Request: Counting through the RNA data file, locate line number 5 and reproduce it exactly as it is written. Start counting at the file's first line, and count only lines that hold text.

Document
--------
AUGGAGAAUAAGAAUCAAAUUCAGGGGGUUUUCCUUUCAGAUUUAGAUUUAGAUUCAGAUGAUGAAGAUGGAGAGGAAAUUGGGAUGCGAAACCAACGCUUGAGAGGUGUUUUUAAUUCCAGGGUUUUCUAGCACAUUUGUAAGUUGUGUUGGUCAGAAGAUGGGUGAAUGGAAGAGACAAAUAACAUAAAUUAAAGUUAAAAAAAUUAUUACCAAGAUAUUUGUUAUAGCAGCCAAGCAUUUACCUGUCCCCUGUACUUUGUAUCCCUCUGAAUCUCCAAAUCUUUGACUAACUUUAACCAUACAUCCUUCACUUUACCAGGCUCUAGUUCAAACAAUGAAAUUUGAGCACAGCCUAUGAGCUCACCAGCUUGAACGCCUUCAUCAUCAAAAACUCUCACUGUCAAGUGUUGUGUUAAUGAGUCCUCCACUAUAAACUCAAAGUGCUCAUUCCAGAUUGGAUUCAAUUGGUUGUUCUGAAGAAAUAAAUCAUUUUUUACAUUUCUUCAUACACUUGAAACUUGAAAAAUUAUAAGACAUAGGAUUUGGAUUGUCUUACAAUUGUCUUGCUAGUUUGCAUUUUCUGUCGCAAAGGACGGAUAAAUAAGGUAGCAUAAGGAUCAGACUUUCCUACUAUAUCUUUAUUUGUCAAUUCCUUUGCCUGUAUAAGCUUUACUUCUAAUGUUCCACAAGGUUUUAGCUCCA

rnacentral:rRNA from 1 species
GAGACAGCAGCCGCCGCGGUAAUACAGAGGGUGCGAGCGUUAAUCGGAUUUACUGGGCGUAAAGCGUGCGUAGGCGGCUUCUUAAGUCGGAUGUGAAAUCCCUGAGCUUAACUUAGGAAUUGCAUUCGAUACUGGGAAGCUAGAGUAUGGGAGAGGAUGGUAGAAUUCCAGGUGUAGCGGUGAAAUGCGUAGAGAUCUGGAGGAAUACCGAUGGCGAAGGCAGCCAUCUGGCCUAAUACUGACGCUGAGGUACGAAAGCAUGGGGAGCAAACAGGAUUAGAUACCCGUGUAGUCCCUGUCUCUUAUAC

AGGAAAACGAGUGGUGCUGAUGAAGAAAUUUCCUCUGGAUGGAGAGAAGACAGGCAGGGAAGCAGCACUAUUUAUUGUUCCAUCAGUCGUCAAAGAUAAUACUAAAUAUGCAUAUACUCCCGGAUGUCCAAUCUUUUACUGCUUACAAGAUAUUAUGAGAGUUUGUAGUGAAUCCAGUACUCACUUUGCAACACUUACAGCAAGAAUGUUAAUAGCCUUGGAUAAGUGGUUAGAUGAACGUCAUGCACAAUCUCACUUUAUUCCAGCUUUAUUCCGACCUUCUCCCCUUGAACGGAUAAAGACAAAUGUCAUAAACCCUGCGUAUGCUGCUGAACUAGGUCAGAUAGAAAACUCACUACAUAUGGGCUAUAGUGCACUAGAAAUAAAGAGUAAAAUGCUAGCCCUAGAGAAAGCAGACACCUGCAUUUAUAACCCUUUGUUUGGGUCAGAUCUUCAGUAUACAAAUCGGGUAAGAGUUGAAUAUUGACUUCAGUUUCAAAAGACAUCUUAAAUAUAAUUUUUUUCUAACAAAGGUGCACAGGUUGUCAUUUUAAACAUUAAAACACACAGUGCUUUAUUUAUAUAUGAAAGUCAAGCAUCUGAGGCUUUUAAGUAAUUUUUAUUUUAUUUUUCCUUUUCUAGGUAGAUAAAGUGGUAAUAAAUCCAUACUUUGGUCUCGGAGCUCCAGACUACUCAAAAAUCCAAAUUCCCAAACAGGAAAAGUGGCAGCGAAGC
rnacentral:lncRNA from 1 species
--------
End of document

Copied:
rnacentral:lncRNA from 1 species